It’s been said many times, but oh man does Apple understand the difference between designing products and designing services:

All experiences can be measured along three scales: Social, Intellectual, and Visceral (or Heart, Head, and Hands if you want something catchy). For example:

Drinking in a bar:
Social: high
Visceral: high
Intellectual: low

Watching a sunset:
Social: depends
Visceral: high
Intellectual: depends

Reading a book:
Social: low (unless read out loud)
Visceral: low
Intellectual: high

Video game:
Social: depends
Visceral: medium
Intellectual: depends

Online community:
Social: high
Visceral: low
Intellectual: varies

Are there other parameters beyond the 3?

This helps explain what’s so exciting about location-aware applications: they promise to overlay the intellectual and social strengths of network-mediated interactions with meatspace. Either that or we’re all just zoning out looking at tiny mobile screens, wondering how the UI got so f***ed up.

File under there-should-be-a-standard, Steps for finding a human on various phone systems. Some of them are pretty amazing, such as Delta, where you say ‘agent’ four times until it finally gives you an agent. This is firmly in that part of the Venn diagram where business needs fail to intersect with user needs.

Seems that (you remember that site that exemplified the no-business model excess of the dot-com bubble) is now a business model.

You’ve surely seen pics of the outside of the new Seattle Public Library, but wow, the inside looks amazing. Wayfinding is a big issue in libraries, and not having been there I can’t say how well the SPL has done, but there’s no question what section this is or what you do here.

Dan Hill has an excellent thought-piece on the merits and pitfalls inherent in Apple’s design ethos of perfection. He’s also collected thoughts and links on the idea of adaptive design (i.e. designing for adaptation). From the article:

In essence, adaptive design is about designing to enable the user to change things. You strive for ‘good enough’ as a starting point, such that the user feels they have a ‘way in’, almost an implicit goal of working through the finished design themselves. It sees design as a social process, developing over time, via a relationship with the user. It draws heavily from [Stewart] Brand’s idea of separating a building’s architecture into 6 different layers, from slowly developing layers through to relatively quickly moving layers.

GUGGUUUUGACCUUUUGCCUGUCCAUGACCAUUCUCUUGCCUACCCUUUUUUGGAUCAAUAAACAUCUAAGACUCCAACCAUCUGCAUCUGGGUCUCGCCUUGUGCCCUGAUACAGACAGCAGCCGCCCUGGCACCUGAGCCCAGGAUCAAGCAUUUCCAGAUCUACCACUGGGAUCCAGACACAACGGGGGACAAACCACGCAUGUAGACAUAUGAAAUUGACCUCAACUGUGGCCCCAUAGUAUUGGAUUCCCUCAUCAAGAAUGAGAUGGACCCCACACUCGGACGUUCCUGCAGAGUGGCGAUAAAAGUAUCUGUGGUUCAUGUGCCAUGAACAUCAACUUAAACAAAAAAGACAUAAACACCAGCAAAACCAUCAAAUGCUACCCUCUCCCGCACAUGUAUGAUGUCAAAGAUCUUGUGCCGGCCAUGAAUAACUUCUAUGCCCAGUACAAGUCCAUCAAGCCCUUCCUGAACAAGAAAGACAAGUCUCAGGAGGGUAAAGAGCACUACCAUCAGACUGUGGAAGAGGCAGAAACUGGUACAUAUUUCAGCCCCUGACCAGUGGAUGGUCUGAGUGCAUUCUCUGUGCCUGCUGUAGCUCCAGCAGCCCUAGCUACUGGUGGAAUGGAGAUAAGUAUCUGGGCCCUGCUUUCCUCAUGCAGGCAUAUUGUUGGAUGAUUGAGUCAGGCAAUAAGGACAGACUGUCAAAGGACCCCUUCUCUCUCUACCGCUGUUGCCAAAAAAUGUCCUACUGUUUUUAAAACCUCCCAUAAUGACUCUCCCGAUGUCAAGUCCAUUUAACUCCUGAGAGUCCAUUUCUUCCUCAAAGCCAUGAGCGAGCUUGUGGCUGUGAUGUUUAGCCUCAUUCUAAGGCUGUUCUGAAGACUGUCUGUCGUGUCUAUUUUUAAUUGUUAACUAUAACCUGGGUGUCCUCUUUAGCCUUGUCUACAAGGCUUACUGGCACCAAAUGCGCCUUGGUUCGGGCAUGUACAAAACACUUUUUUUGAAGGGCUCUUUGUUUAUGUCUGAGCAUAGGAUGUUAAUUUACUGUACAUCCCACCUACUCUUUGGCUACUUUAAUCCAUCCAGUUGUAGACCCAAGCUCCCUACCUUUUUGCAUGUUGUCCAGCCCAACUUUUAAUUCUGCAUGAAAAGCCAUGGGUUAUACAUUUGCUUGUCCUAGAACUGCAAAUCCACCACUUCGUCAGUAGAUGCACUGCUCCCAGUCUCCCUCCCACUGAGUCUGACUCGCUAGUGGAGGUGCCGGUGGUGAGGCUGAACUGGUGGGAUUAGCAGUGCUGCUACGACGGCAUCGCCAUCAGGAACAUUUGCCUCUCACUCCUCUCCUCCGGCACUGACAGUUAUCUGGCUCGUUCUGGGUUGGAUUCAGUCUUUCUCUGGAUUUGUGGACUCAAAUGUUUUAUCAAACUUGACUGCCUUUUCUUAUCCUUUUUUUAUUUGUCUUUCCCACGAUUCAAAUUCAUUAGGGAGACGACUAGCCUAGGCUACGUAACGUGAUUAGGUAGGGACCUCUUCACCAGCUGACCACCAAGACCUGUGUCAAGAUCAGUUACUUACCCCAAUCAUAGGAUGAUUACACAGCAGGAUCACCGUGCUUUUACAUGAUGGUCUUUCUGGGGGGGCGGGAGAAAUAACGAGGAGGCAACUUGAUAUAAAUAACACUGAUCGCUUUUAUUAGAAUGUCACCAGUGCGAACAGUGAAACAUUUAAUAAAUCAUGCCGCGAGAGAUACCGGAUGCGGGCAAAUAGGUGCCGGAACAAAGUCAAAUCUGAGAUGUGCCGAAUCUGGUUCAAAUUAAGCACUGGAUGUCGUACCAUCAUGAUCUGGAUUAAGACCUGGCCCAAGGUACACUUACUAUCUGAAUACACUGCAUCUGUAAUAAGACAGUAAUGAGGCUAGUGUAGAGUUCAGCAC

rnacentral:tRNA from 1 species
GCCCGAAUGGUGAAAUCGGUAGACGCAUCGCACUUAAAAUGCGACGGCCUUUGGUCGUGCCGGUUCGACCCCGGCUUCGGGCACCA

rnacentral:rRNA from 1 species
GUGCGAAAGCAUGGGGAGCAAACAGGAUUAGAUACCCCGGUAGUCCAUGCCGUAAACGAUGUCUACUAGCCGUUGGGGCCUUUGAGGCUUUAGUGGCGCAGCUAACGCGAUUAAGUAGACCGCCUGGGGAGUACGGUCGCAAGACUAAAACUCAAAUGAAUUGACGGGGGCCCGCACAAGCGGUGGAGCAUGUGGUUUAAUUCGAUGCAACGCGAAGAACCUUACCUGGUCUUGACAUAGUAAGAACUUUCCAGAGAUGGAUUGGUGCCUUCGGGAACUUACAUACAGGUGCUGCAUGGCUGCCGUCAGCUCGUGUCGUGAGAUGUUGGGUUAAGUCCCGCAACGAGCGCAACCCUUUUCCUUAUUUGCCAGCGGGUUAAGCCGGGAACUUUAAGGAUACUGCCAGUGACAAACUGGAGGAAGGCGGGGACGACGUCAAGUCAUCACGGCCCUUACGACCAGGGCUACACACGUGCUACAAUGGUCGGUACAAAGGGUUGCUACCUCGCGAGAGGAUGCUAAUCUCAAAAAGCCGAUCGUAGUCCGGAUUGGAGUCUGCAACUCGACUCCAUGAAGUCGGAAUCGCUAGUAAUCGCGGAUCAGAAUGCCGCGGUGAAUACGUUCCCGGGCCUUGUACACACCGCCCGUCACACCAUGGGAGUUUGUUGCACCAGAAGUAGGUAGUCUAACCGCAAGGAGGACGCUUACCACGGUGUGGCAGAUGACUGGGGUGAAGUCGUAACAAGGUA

While Learning to Love the Pixel: Exploring the Craft of Icon Design is ostensibly about designing icons, it is the discussion of craft in interface design that I find most satisfying. I have long felt craft to be undervalued in the context of corporate design projects. The article does a nice job of beginning the discussion of the role of craft in user experience design while implicitly raising the higher-level question of where it makes the most sense to prioritize craft in an interface design project.

Just wanted to register a link to Nathan Shedroff: the v-2 interview. And here are peter’s (I think generally right on) comments on part one and part two of the interview.

I don’t have a whole lot to add. If you read beyond the “to-mah-to” / “to-may-to” posturing, the main gist of the debate seems to be the almost absurdly banal point that some designers are better than others (at considering business strategy, at selling design, at dealing with complex interactions). I find myself dismissing this sort of discussion as not all that relevant to the actual experience of a real design project and would rather read a case study any day.

David Bliss of Odopod, who I “met” via email recently, has a bunch of interesting writings up on his personal site on Experience Design and Interactive Storytelling as well as (if you poke around a bit) some nice generative-behavior experiments.

Beating a horse that refuses to die: Salon: DEN, Boo: R.I.P.:

“In the year 2000, there is no excuse for any professional Web site that expects to reach a wide audience of users to put on its home page an animation that requires a browser plug-in.”
I disagree. I think, for example, that Animation Express (which I’ve worked on) is totally justified in having a Flash frontdoor. The site is a gallery of Flash (and some Quicktime and Shockwave) animation, and if you don’t have the plug-in, you’re not going to be able to see the content. That doesn’t mean you get a broken icon or a blank screen if you don’t have the plug-in. You just get redirected to a page that says it looks like you don’t have Flash and explains how to get it.

So, again, the problem is not using Flash or doing whizzy things, it’s doing them badly or foolishly. OK, I shut up now. (link via goodexperience)

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